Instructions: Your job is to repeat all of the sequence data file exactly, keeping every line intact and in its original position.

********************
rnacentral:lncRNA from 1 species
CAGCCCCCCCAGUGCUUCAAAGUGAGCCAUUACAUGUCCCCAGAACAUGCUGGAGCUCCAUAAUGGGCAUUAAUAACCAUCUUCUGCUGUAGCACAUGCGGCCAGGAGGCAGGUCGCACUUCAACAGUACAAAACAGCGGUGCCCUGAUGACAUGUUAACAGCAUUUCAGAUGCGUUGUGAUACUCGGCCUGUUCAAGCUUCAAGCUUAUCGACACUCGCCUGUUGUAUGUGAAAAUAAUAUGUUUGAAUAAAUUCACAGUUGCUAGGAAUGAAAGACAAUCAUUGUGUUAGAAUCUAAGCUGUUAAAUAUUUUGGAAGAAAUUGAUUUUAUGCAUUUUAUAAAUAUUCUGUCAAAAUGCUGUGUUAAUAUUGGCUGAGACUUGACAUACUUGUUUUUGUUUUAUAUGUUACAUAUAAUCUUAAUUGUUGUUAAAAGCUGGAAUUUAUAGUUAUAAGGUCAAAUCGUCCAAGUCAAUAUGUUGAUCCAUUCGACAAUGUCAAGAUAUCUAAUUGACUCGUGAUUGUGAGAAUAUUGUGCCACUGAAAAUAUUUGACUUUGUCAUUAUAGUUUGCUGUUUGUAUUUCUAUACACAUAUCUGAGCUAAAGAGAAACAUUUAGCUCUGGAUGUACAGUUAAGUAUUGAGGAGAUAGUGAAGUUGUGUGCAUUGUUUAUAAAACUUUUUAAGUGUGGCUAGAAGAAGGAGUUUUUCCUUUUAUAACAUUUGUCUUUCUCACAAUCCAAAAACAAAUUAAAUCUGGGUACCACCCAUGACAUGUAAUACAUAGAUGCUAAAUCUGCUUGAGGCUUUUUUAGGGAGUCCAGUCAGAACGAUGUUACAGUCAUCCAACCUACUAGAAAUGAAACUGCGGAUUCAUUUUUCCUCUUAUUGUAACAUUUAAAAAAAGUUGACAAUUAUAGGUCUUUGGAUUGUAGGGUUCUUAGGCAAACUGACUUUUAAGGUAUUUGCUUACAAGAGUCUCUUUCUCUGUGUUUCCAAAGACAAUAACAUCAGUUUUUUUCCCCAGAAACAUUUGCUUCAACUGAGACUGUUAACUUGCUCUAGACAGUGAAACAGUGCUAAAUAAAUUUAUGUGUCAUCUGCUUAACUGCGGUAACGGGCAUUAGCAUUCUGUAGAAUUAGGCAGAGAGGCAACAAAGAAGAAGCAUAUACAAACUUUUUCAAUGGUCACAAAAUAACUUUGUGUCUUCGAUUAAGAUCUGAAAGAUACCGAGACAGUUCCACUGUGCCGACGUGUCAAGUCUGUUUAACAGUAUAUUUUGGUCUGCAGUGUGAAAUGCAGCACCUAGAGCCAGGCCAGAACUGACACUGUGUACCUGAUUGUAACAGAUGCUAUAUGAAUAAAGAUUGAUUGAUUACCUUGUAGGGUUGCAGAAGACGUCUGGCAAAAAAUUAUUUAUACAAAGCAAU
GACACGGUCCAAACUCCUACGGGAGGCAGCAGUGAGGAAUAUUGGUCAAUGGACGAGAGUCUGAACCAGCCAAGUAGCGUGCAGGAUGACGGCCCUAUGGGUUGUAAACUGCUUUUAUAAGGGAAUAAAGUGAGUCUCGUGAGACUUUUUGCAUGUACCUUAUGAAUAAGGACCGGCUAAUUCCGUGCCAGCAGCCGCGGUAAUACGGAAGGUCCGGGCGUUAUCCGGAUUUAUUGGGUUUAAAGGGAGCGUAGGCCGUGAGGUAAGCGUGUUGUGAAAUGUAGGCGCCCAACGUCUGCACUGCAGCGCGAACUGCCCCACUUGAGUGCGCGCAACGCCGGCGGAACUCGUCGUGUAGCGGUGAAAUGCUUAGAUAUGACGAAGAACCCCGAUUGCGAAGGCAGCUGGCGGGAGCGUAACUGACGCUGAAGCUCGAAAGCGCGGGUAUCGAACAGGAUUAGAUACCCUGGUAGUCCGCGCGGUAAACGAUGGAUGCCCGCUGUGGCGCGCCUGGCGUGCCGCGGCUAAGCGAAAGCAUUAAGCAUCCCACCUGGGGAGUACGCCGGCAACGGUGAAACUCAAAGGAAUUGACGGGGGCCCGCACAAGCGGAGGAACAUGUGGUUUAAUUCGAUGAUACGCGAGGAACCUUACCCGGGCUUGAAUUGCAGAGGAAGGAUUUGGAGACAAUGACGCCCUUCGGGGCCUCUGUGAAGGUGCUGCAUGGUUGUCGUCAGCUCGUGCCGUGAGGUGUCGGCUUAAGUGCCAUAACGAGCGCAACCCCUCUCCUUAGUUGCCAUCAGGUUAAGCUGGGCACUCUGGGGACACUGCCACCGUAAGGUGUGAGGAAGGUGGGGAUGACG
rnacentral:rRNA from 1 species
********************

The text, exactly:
rnacentral:lncRNA from 1 species
CAGCCCCCCCAGUGCUUCAAAGUGAGCCAUUACAUGUCCCCAGAACAUGCUGGAGCUCCAUAAUGGGCAUUAAUAACCAUCUUCUGCUGUAGCACAUGCGGCCAGGAGGCAGGUCGCACUUCAACAGUACAAAACAGCGGUGCCCUGAUGACAUGUUAACAGCAUUUCAGAUGCGUUGUGAUACUCGGCCUGUUCAAGCUUCAAGCUUAUCGACACUCGCCUGUUGUAUGUGAAAAUAAUAUGUUUGAAUAAAUUCACAGUUGCUAGGAAUGAAAGACAAUCAUUGUGUUAGAAUCUAAGCUGUUAAAUAUUUUGGAAGAAAUUGAUUUUAUGCAUUUUAUAAAUAUUCUGUCAAAAUGCUGUGUUAAUAUUGGCUGAGACUUGACAUACUUGUUUUUGUUUUAUAUGUUACAUAUAAUCUUAAUUGUUGUUAAAAGCUGGAAUUUAUAGUUAUAAGGUCAAAUCGUCCAAGUCAAUAUGUUGAUCCAUUCGACAAUGUCAAGAUAUCUAAUUGACUCGUGAUUGUGAGAAUAUUGUGCCACUGAAAAUAUUUGACUUUGUCAUUAUAGUUUGCUGUUUGUAUUUCUAUACACAUAUCUGAGCUAAAGAGAAACAUUUAGCUCUGGAUGUACAGUUAAGUAUUGAGGAGAUAGUGAAGUUGUGUGCAUUGUUUAUAAAACUUUUUAAGUGUGGCUAGAAGAAGGAGUUUUUCCUUUUAUAACAUUUGUCUUUCUCACAAUCCAAAAACAAAUUAAAUCUGGGUACCACCCAUGACAUGUAAUACAUAGAUGCUAAAUCUGCUUGAGGCUUUUUUAGGGAGUCCAGUCAGAACGAUGUUACAGUCAUCCAACCUACUAGAAAUGAAACUGCGGAUUCAUUUUUCCUCUUAUUGUAACAUUUAAAAAAAGUUGACAAUUAUAGGUCUUUGGAUUGUAGGGUUCUUAGGCAAACUGACUUUUAAGGUAUUUGCUUACAAGAGUCUCUUUCUCUGUGUUUCCAAAGACAAUAACAUCAGUUUUUUUCCCCAGAAACAUUUGCUUCAACUGAGACUGUUAACUUGCUCUAGACAGUGAAACAGUGCUAAAUAAAUUUAUGUGUCAUCUGCUUAACUGCGGUAACGGGCAUUAGCAUUCUGUAGAAUUAGGCAGAGAGGCAACAAAGAAGAAGCAUAUACAAACUUUUUCAAUGGUCACAAAAUAACUUUGUGUCUUCGAUUAAGAUCUGAAAGAUACCGAGACAGUUCCACUGUGCCGACGUGUCAAGUCUGUUUAACAGUAUAUUUUGGUCUGCAGUGUGAAAUGCAGCACCUAGAGCCAGGCCAGAACUGACACUGUGUACCUGAUUGUAACAGAUGCUAUAUGAAUAAAGAUUGAUUGAUUACCUUGUAGGGUUGCAGAAGACGUCUGGCAAAAAAUUAUUUAUACAAAGCAAU
GACACGGUCCAAACUCCUACGGGAGGCAGCAGUGAGGAAUAUUGGUCAAUGGACGAGAGUCUGAACCAGCCAAGUAGCGUGCAGGAUGACGGCCCUAUGGGUUGUAAACUGCUUUUAUAAGGGAAUAAAGUGAGUCUCGUGAGACUUUUUGCAUGUACCUUAUGAAUAAGGACCGGCUAAUUCCGUGCCAGCAGCCGCGGUAAUACGGAAGGUCCGGGCGUUAUCCGGAUUUAUUGGGUUUAAAGGGAGCGUAGGCCGUGAGGUAAGCGUGUUGUGAAAUGUAGGCGCCCAACGUCUGCACUGCAGCGCGAACUGCCCCACUUGAGUGCGCGCAACGCCGGCGGAACUCGUCGUGUAGCGGUGAAAUGCUUAGAUAUGACGAAGAACCCCGAUUGCGAAGGCAGCUGGCGGGAGCGUAACUGACGCUGAAGCUCGAAAGCGCGGGUAUCGAACAGGAUUAGAUACCCUGGUAGUCCGCGCGGUAAACGAUGGAUGCCCGCUGUGGCGCGCCUGGCGUGCCGCGGCUAAGCGAAAGCAUUAAGCAUCCCACCUGGGGAGUACGCCGGCAACGGUGAAACUCAAAGGAAUUGACGGGGGCCCGCACAAGCGGAGGAACAUGUGGUUUAAUUCGAUGAUACGCGAGGAACCUUACCCGGGCUUGAAUUGCAGAGGAAGGAUUUGGAGACAAUGACGCCCUUCGGGGCCUCUGUGAAGGUGCUGCAUGGUUGUCGUCAGCUCGUGCCGUGAGGUGUCGGCUUAAGUGCCAUAACGAGCGCAACCCCUCUCCUUAGUUGCCAUCAGGUUAAGCUGGGCACUCUGGGGACACUGCCACCGUAAGGUGUGAGGAAGGUGGGGAUGACG
rnacentral:rRNA from 1 species